In 1995 Reuters moved its journalism operations away from Fleet Street, the stretch of London pavement that was once home to the capital's bustling, 300-year-old daily journalism trade. One-by-one, the newspapers and wire services had all moved away; largely, they ended up in the decidedly more modern Canary Wharf, a financial center that grew up further down the River Thames.
The death of Fleet Street, however, in some ways helped give birth to another piece of London real estate: When the Reuters reporting staff bolted 85 Fleet Street in 1995, it alighted at the ITN Building, a Norman Foster-designed property on Gray's Inn Road, former roost of the Guardian newspaper.
Writing in the Guardian in 1990, scribe Harold Jackson said there was little love lost for the old newspaper building, whose remnants were visibly incorporated into the design of the new building. ?If it wasn't rated the grottiest building in London it could have been because the judges had been fixed,? he wrote. ?If you opened the window you couldn't hear yourself think for the traffic below; if you didn't, you roasted or froze. Your colleagues in the main body of the building saw daylight just twice a day, on the way in and on the way out.?
In its place rose what was, by all accounts, a modern, glassfronted building built with the television age in mind. Independent Television News (ITN) is the supplier of broadcast news to the UK's two independent broadcast networks, Channel Four and ITV; these networks have been, over the years, the broadcast home to revered UK media figures like Sir Trevor McDonald and Daljit Dhaliwal. For this reason, the building, which has garnered awards from the Royal Institute of British Architects and the British Council for Offices, is kitted out with studios and broadcasting facilities, as well as a ten-story atrium that begins on a subterranean level that used to house printing presses.
While suffering from low occupancy in the years after its completion, the building eventually filled up, becoming the ?stock exchange of the media world? with television and journalism tenants like Scottish Television, French Telecom satellite service Maxat, aforementioned wire service Reuters and now-defunct international newspaper The European, as well as the sales and marketing operations for a number of broadcast companies.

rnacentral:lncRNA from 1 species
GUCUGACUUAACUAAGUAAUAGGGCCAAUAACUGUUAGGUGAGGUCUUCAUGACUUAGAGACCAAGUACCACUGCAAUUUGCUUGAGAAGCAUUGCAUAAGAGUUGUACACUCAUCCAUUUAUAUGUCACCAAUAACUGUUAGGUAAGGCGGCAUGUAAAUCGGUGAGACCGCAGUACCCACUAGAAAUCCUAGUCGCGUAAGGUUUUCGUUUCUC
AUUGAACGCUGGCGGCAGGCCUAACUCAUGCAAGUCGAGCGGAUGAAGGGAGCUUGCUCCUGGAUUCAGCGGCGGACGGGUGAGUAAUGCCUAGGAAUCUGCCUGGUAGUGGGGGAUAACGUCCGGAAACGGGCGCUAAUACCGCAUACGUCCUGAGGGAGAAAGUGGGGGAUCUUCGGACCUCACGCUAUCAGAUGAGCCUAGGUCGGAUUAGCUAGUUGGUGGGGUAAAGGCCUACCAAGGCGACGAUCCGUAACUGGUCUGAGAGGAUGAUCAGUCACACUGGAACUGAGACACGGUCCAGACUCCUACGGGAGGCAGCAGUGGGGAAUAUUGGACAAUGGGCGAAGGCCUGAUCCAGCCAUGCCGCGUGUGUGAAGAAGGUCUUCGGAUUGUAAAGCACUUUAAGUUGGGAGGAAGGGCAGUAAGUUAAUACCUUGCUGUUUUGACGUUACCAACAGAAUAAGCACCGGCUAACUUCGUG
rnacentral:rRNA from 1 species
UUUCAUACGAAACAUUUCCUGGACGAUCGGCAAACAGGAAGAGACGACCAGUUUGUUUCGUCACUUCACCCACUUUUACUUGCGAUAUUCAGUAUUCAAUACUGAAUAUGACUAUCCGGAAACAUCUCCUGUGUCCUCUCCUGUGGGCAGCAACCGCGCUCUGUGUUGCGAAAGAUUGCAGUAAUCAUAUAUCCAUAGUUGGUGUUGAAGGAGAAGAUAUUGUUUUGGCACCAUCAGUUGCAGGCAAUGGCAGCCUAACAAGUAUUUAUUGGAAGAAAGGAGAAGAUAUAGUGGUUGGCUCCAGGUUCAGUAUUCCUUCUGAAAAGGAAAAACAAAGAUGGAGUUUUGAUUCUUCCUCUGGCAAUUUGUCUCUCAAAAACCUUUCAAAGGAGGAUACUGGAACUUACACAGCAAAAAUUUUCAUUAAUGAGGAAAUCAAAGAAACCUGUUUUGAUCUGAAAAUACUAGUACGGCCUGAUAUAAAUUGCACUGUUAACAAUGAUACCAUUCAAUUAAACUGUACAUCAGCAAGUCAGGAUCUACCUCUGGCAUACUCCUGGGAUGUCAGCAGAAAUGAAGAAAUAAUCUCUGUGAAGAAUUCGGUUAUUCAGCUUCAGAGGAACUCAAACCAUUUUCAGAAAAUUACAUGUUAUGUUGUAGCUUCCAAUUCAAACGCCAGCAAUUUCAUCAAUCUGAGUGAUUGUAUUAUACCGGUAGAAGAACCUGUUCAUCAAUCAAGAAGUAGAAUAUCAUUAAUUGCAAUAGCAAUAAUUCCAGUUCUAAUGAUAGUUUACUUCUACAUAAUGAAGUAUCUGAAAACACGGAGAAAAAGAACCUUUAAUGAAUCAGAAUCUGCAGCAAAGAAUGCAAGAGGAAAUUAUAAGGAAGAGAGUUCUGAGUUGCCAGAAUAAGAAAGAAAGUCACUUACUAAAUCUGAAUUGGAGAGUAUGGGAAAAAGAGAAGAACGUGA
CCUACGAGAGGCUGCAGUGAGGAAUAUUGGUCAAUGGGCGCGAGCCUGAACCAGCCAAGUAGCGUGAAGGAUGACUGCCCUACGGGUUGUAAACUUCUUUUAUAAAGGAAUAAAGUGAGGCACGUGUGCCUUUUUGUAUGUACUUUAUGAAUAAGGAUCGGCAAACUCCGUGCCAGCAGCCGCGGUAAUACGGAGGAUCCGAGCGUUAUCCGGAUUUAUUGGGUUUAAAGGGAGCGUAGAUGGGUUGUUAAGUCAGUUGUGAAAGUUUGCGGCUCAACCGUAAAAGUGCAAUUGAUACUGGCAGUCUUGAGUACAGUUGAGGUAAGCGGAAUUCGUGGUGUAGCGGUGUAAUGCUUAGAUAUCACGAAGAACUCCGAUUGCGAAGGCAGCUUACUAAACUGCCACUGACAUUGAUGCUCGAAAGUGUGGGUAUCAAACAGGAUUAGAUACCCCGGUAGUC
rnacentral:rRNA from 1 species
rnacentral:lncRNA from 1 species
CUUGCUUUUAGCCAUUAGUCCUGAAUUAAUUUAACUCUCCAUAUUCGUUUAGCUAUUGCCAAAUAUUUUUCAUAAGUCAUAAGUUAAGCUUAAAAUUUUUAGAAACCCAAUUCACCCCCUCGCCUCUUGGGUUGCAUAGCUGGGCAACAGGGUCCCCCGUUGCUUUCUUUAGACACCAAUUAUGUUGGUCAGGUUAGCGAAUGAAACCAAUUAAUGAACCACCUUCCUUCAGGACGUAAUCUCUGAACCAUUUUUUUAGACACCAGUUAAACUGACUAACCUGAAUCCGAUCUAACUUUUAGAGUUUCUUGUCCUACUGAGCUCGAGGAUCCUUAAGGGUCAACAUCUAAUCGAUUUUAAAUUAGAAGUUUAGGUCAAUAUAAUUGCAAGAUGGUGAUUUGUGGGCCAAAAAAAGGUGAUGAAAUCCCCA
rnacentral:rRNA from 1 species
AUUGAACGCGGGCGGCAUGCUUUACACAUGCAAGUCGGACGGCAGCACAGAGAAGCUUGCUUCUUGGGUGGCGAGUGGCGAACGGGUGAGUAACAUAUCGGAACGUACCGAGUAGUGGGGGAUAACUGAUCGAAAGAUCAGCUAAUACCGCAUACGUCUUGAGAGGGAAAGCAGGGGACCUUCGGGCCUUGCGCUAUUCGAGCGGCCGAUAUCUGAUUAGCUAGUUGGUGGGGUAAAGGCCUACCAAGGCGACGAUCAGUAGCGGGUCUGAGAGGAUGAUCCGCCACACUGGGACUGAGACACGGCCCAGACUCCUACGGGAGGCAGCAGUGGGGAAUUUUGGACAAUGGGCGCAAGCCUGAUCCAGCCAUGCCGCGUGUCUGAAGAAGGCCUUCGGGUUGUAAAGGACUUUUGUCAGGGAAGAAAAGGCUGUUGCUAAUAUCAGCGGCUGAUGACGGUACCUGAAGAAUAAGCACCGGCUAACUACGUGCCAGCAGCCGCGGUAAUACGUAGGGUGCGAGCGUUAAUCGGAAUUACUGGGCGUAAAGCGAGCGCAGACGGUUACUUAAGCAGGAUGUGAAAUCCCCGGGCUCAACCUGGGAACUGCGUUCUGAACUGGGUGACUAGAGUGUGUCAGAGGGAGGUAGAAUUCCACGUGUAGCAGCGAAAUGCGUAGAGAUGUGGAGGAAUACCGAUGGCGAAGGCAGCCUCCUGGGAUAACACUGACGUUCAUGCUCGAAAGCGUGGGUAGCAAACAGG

In the basement of the building is the ITN Archive, which has been called ?Britain's entire collective memory of the 20th Century.? While that might be typical broadcast hubris, the fire-proof vault does house a collection of ITN and Reuters material dating back to 1894 (the first moving image in the collection is footage of the coronation of Tsar Nicholas II of Russia).
The real estate division of London-based private equity firm Doughty Hanson purchased the building in April 2001. It exited the ITN headquarters in 2005 in a secondary sale to Catalyst Capital for £112 million. When it held the property, Doughty Hanson renovated the property to the tune of £3.5 million.
Even the old hacks came around to the charm of the new building. As Jackson described the technical innovations installed for the television age, including special ceramic-layered windows and environmental control measures, he mused: ?If technology has the answer, it should make this as fine a building functionally as it is visually. Perhaps someone?it might even be me?will shed a tear when it is just another hole in the ground.?